Episode 39 – Estimate Contingency

Protect your profits with proper estimating and preparing for the unknown.

Today on the Coachcast we discuss using a Profit contingency to help protect your profits.

Many of you have worked with contingencies before and know what they are typically used for.  We see them on projects where parts have not been finalized yet and we carry $5K for wall coverings.  I want you to use this same principle but for ourselves to protect our profits.

A few years ago when I was bidding my first project in St. Thomas, US Virgin Islands I had to put together the budget for travel.  I hadn’t been working there yet so i had to research on the internet to put together the pricing which is easy enough.  Since I hadn’t been doing any work there yet I included a Travel Contingency in my estimate to cover anything unknown that I haven’t encountered yet.  It paid off, when we got into the project things were going fine but I was not aware that there was a high season and the hotel rates went up for half of the project.  Then rental car rates went up as well.  So now my travel costs went up over $200 per day over my original budgeted daily travel costs.  Since I had added some contingency money to my estimate I was able to absorb these added costs without impacting the job profit.

We want to make sure we put these contingencies in to protect our profits.  As Elite Contractors we put a priority on protecting profits so we want o make the right decisions and put the right policies in place to do that.  Using estimate contingencies is a great way to help with that effort.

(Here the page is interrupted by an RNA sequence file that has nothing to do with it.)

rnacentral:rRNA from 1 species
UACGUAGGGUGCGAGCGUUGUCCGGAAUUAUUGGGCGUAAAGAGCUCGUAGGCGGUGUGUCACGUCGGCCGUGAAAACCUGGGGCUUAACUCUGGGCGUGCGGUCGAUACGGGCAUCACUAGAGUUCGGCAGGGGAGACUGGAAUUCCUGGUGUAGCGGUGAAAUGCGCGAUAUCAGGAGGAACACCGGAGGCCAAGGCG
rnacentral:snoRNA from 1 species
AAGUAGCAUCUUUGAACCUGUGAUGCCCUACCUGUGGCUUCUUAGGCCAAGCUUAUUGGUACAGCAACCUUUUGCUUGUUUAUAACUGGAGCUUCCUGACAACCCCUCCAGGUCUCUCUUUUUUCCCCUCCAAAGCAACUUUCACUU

So to set these up just add them to the bottom of your estimating summary.  You can have them add percentages of your General Conditions, subcontractors, labor, etc., whatever you feel is necessary to cover the risk of a particular project.  I have my estimate summary set up with these line items all ready to go.  I have Travel / Scope of Work / Team & Owner / Geography / Drawings already there and one for Other.  This allows me to quickly go in and make adjustments.  You can also use these to adjust your estimate down.  For instance, if you are bidding a project with a repeat Owner you may want to adjust your General Conditions down some so you can just add a negative % in the Team & Owner line item.

When you set up your budgets on a project with Profit Contingencies these should be treated as separate line items on the budget.  Unlike a typical line item, you don’t charge anything directly to your contingency line items.  You use these contingencies as buckets to pull money out of to cover overages on your protected line items.  Only use them for their intended purpose.  Do not use a Travel Contingency to cover a scope gap, this will just skew your project results and allow you to make the same mistake again.  If you have a scope gap let it show as a budget bust.  At the end of the project the excess contingency will roll up to protect profits anyway so it will cover any busts on other line items.

Setting up and managing these contingencies properly is a great way to protect your profits on every project.

Take-Action Items

  1. Set up Profit contingency Line Items on your estimate summary and start using them
  2. Manage them as part of your line item budget but only as a bucket to cover your original line items

 

Outline:

Estimate Contingency

What:

  • Small contingencies added to our estimates to protect against the unknown

Why:

  • Protect profits
  • Easy mitigation of risks associated with unknown parts of a project like location, drawings, travel, etc.

How:

  • Add contingency line items to your estimate summary
  • Change % of contingency based on project conditions
  • Can be negative % for well-known project conditions
  • Manage contingency as part of line item budget
  • Use contingency items to replenish hits to regular line items
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